The measurement and monitoring of surgical adverse events
Bruce J, Russell E M, Mollison J, Krukowski Z H
Record ID 32001000935
The aim of this methodological review was to identify a selection of common and potentially avoidable surgical adverse events and to assess whether they could be reliably and validly measured, to review methods for monitoring their occurrence and to identify examples of effective monitoring systems for selected events. This review is a comprehensive attempt to examine the quality of the definition, measurement, reporting and monitoring of selected events that are known to cause significant postoperative morbidity and mortality.
Authors' results and conclusions:
Surgical wound infection: A total of 41 different definitions and 13 grading scales of surgical wound infection were identified from 82 studies. Definitions of surgical wound infection varied from presence of pus to complex definitions such as those proposed by the Centres for Disease Control in the USA. A small body of literature has been published on the content, criterion and construct validity of different definitions, and comparisons have been made against wound assessment scales and multidimensional indices. There are examples of comprehensive hospital-based monitoring systems of surgical wound infection, mainly under the auspices of nosocomial surveillance. To date, however, there is little evidence of systematic measurement and monitoring of surgical wound infection after hospital discharge.
Anastomotic leak: Over 40 definitions of anastomotic leak were extracted from 107 studies of upper gastrointestinal, hepatopancreaticobiliary and lower gastrointestinal surgery. No formal evaluations were found that assessed the validity or reliability of definitions or severity scales of anastomotic leak. One definition was proposed during a national consensus workshop, but no evidence of its use was found in the surgical literature. The lack of a single definition or gold standard hampers comparison of postoperative anastomotic leak rates between studies and institutions.
Deep vein thrombosis: Although a critical review of the DVT literature could not be completed within the realms of this review, it was evident that a number of new techniques for the detection and diagnosis of DVT have emerged in the last 20 years. The group recommends a separate review be undertaken of the different diagnostic tests to detect DVT.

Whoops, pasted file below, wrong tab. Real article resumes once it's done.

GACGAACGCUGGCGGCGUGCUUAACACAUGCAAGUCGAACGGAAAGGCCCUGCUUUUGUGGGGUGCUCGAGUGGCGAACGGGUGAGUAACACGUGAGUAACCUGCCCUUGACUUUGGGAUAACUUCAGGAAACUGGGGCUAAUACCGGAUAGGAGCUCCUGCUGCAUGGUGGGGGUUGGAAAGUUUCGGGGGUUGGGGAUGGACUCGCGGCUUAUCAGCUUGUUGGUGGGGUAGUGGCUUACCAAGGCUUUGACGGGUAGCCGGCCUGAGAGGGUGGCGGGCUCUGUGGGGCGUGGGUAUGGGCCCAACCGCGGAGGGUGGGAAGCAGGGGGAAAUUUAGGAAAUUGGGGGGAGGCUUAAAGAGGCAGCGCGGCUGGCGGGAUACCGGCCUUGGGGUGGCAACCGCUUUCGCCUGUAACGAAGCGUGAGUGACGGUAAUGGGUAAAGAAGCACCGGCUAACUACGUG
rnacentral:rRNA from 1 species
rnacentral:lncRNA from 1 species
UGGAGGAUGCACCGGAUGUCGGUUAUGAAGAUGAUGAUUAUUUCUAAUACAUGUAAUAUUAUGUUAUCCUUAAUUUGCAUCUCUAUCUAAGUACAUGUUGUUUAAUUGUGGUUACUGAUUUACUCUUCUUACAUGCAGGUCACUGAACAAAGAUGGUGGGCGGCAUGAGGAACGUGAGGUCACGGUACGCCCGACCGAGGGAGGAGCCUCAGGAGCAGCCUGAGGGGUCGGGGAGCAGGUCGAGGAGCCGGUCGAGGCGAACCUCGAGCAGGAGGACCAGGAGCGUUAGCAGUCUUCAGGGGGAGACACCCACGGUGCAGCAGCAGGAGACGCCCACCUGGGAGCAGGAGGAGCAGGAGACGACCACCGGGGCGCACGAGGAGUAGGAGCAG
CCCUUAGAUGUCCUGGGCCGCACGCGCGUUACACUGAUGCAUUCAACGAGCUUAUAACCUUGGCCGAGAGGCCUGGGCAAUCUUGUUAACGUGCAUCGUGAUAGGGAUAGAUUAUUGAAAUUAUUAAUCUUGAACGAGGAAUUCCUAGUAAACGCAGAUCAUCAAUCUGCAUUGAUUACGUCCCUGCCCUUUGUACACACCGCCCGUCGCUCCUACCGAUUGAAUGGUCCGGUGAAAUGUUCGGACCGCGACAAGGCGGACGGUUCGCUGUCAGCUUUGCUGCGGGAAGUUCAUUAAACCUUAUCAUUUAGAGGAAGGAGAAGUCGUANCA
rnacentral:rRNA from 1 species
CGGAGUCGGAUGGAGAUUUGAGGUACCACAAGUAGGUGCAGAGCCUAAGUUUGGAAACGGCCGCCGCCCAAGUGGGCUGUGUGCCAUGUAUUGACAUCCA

Surgical mortality monitoring systems: The definition of surgical mortality is relatively consistent between monitoring systems, but duration of follow-up of death postdischarge varies considerably. The majority of systems report in-hospital mortality rates; only some have the potential to link deaths to national death registers. Risk assessment is an important factor and there should be a distinction between recording pre-intervention factors and postoperative complications. A variety of risk scoring systems was identified in the review. Factors associated with accurate and complete data collection include the employment of local, dedicated personnel, simple and structured prompts to ensure that clinical input is complete, and accurate and automated data capture and transfer.
The use of standardised, valid and reliable definitions is fundamental to the accurate measurement and monitoring of surgical adverse events. This review found inconsistency in the quality of reporting of postoperative adverse events, limiting accurate comparison of rates over time and between institutions. The duration of follow-up for individual events will vary according to their natural history and epidemiology. Although risk-adjusted aggregated rates can act as screening or warning systems for adverse events, attribution of whether events are avoidable or preventable will invariably require further investigation at the level of the individual, unit or department.
English language abstract:
An English language summary is available
England, United Kingdom
- General Surgery
- Monitoring, Physiologic
- Surgical Procedures, Operative
NIHR Health Technology Assessment programme
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